Reza recalls one particularly resistant woman: "Her specific words to me were, ‘I ain’t talkin’ to no machine.’" While most workers echoed that sentiment,  a few offered to test the system. Simply noticing the early adopters’ increased productivity and the system’s ease of use drained the hesitation of the more reluctant employees. When Reza returned to the site three months after Voicelink went live, he saw the formerly resistant woman operating a headset. "She wasn’t the happiest person when we had to take the voice system down for an hour while we did some software mods," he says.

The employees’ initial reaction was no surprise. When Glidewell began researching a voice solution, he consulted a competitor, Indian Nation Wholesale. Managers there told him the  speech solution had also been met with hesitation. "And we went through the exact same thing," Glidewell says.

"It’s just part of a process," Reza says. "Most of the issues we deal with tend to be things unrelated to the technology."       

Whereas in the 1990s the greatest hurdle was the technical inconsistency of speech recognition, this is not a problem today. The system requires a one-time, 30-minute session to train on each user’s voice. "We have found over the years that speaker-dependent technology is the only reliable technology right now in a noisy environment like a warehouse or manufacturing plant," Reza says.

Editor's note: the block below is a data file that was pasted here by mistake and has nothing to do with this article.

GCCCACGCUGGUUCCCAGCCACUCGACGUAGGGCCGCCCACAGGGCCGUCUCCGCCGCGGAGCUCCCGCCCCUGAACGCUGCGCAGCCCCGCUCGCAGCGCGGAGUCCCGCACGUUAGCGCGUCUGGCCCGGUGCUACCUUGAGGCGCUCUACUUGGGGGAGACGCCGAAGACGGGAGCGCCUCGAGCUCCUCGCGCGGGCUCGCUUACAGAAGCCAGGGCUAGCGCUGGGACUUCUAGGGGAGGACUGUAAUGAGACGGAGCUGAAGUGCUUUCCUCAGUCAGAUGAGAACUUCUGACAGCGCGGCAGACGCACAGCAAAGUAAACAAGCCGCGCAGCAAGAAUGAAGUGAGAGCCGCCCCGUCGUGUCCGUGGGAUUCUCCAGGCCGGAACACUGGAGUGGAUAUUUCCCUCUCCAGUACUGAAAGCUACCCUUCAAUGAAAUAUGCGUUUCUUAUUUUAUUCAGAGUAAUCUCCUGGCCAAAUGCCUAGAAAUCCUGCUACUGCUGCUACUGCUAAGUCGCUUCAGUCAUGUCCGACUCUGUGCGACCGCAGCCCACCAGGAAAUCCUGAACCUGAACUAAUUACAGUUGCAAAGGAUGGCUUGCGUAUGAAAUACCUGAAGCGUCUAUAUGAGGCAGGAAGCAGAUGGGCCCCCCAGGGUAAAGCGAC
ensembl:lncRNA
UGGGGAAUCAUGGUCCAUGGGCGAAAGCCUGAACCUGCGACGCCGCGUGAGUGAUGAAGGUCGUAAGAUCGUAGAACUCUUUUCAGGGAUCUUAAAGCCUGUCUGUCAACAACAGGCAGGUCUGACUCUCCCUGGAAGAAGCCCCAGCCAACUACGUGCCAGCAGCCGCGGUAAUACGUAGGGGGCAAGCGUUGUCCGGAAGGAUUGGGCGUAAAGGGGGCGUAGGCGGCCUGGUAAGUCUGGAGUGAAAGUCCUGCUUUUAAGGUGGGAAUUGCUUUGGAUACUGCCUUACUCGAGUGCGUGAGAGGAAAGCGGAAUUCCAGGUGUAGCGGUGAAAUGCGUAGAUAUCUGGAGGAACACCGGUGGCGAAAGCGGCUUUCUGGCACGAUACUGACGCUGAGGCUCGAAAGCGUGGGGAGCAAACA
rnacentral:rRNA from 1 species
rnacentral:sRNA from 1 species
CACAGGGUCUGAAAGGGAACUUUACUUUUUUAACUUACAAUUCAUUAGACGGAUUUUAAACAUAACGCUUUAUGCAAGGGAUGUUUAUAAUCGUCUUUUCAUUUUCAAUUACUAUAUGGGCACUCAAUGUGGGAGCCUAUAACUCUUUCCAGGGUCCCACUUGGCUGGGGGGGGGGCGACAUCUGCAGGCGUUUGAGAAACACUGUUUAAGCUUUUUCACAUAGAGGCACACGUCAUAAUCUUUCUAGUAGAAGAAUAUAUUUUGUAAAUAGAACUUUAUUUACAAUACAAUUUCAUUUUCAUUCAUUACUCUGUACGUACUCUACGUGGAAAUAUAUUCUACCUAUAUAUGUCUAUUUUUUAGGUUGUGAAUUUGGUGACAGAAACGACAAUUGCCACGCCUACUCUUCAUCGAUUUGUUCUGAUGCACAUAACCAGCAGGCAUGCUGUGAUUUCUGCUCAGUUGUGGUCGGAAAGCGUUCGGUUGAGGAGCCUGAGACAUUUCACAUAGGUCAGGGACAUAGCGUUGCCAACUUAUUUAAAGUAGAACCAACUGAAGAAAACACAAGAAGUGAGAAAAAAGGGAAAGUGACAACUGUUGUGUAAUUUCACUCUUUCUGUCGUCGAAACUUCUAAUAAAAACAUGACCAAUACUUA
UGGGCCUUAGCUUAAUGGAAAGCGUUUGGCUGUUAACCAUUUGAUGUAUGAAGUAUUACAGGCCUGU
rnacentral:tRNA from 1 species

Current speech technology is robust enough to withstand the noise and clatter of a warehouse environment. This resiliency makes particular sense considering the grocery industry was the first vertical to implement voice technology in distribution centers.

"One thing we found very challenging in the food area was the very cold temperatures in the freezer environment, which gets down to minus-30 degrees Fahrenheit," Sweeney says. "Then when you walk out on a shipping dock, it might be 80 degrees Fahrenheit and humid." The instant condensation on the belt console was easy for developers to work around. Condensation on the headset was not as easy. "All of a sudden," Sweeney says, "you’ve got water all over your microphone and speaker." He emphasizes that building an environmentally stable headset is essential for success in a warehouse. "It has to be waterproof and rugged," Sweeney says. "You have to be able to sit on it and still have it work when you get off of it."

Uptake of speech technologies in distribution centers has been "stunning," according to Sweeney. Besides order picking, voice can be used for replenishments, put-aways, and transfers, and Sweeney also anticipates a surge in retail and manufacturing. "Having voice start at the distribution world and watching it walk up and down the supply chain is very exciting for us," he says.